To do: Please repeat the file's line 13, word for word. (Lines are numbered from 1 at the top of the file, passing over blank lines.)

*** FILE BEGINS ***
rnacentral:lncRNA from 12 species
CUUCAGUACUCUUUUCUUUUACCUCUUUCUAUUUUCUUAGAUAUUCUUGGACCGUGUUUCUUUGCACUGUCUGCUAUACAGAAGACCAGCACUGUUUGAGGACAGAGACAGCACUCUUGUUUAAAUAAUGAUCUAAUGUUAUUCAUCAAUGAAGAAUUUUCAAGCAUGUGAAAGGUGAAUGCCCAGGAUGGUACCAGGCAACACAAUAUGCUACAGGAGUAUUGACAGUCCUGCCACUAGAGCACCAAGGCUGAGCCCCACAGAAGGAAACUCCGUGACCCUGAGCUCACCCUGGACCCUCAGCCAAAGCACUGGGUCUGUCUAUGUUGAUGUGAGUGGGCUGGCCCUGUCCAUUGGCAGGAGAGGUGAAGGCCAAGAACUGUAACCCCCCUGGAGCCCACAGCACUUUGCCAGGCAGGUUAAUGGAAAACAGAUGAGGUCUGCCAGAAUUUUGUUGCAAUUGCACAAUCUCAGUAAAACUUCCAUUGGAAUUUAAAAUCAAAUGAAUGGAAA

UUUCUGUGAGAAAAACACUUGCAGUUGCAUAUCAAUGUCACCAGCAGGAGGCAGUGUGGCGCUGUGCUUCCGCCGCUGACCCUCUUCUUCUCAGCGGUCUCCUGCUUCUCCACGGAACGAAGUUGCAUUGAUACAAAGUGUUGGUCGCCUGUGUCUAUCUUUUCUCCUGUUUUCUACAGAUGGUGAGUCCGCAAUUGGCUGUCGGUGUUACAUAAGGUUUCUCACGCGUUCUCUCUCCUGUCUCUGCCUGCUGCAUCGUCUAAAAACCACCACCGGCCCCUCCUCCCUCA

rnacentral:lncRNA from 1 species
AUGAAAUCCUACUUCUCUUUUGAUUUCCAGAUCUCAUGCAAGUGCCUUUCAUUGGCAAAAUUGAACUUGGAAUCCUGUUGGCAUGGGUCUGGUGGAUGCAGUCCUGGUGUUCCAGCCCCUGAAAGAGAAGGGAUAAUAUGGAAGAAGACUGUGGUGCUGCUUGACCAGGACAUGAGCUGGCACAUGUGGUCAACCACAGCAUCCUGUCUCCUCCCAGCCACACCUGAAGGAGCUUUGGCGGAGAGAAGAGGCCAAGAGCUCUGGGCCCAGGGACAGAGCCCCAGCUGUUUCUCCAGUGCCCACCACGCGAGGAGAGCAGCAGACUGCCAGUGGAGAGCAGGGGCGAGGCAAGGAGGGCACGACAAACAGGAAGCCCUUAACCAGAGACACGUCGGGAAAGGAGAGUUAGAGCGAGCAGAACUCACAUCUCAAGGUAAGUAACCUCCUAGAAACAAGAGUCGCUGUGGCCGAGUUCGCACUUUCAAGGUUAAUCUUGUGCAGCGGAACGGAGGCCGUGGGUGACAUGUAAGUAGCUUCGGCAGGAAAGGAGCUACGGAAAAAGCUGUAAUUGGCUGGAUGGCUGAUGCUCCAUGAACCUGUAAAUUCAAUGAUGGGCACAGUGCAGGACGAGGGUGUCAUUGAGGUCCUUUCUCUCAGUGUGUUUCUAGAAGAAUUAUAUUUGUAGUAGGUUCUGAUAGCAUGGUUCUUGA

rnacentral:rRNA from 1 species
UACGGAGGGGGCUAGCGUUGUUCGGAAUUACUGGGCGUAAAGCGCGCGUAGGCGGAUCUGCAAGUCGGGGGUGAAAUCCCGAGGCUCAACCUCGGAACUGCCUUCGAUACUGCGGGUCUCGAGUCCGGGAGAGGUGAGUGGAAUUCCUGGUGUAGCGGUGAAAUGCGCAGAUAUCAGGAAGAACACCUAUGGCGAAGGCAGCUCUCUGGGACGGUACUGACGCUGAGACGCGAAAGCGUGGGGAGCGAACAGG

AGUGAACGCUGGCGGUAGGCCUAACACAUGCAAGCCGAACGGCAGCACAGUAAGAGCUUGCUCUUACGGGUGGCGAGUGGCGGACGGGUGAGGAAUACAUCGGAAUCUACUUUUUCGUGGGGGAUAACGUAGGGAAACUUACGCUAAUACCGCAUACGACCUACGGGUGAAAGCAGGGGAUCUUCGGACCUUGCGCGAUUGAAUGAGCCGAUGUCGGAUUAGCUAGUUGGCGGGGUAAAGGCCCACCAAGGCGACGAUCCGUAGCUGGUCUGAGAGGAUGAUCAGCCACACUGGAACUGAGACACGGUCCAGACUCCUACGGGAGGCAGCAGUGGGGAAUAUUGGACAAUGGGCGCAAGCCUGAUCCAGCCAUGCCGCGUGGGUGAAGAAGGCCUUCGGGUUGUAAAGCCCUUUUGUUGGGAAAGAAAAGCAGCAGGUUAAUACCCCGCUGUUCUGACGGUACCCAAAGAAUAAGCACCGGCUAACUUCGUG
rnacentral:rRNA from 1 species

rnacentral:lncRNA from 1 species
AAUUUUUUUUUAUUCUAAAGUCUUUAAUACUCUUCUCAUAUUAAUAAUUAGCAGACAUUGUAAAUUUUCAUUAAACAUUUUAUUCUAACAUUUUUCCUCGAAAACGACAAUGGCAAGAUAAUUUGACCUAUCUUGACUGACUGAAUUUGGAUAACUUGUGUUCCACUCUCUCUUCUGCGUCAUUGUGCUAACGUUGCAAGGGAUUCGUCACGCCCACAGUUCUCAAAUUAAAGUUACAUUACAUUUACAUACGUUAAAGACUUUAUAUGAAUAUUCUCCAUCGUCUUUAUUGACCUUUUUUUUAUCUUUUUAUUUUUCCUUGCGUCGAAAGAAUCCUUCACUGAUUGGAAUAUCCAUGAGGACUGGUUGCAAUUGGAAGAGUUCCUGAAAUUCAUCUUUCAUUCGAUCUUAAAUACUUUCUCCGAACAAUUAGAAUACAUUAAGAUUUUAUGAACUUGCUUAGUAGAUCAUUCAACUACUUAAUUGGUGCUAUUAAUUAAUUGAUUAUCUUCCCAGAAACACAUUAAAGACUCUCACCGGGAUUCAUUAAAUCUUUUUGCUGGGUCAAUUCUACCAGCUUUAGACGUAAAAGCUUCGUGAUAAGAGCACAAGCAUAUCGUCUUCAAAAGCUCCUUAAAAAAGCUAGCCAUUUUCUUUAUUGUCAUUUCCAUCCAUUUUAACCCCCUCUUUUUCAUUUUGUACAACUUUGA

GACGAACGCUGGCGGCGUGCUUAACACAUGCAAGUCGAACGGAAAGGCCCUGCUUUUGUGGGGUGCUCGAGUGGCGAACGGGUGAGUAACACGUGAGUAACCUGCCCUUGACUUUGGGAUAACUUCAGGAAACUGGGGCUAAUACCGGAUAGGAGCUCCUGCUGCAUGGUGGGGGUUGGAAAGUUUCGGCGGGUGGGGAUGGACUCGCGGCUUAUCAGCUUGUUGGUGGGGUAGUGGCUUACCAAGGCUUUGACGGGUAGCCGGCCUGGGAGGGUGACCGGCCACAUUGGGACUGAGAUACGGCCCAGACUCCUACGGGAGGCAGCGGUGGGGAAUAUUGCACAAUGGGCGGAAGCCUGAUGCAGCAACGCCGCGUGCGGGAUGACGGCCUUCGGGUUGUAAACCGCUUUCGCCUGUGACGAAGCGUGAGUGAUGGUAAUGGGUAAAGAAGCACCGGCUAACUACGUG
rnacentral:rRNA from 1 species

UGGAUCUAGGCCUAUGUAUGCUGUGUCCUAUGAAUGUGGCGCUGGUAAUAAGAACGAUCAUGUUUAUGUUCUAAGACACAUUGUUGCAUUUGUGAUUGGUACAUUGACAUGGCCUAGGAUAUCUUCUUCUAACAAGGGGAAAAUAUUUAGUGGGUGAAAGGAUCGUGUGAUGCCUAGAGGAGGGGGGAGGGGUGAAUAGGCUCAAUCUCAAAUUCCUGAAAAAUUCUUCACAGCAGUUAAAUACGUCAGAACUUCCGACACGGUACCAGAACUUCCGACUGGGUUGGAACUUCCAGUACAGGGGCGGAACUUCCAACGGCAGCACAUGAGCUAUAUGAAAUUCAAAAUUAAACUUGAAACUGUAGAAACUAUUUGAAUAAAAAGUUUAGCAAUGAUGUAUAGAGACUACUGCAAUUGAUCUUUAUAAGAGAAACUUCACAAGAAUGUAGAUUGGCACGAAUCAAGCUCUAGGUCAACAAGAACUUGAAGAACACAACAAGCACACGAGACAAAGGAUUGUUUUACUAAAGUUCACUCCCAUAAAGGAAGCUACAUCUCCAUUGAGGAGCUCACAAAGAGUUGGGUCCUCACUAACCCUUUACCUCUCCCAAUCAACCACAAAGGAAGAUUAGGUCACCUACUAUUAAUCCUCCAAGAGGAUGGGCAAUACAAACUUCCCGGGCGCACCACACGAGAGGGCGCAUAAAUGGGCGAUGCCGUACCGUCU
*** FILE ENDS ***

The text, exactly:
rnacentral:rRNA from 1 species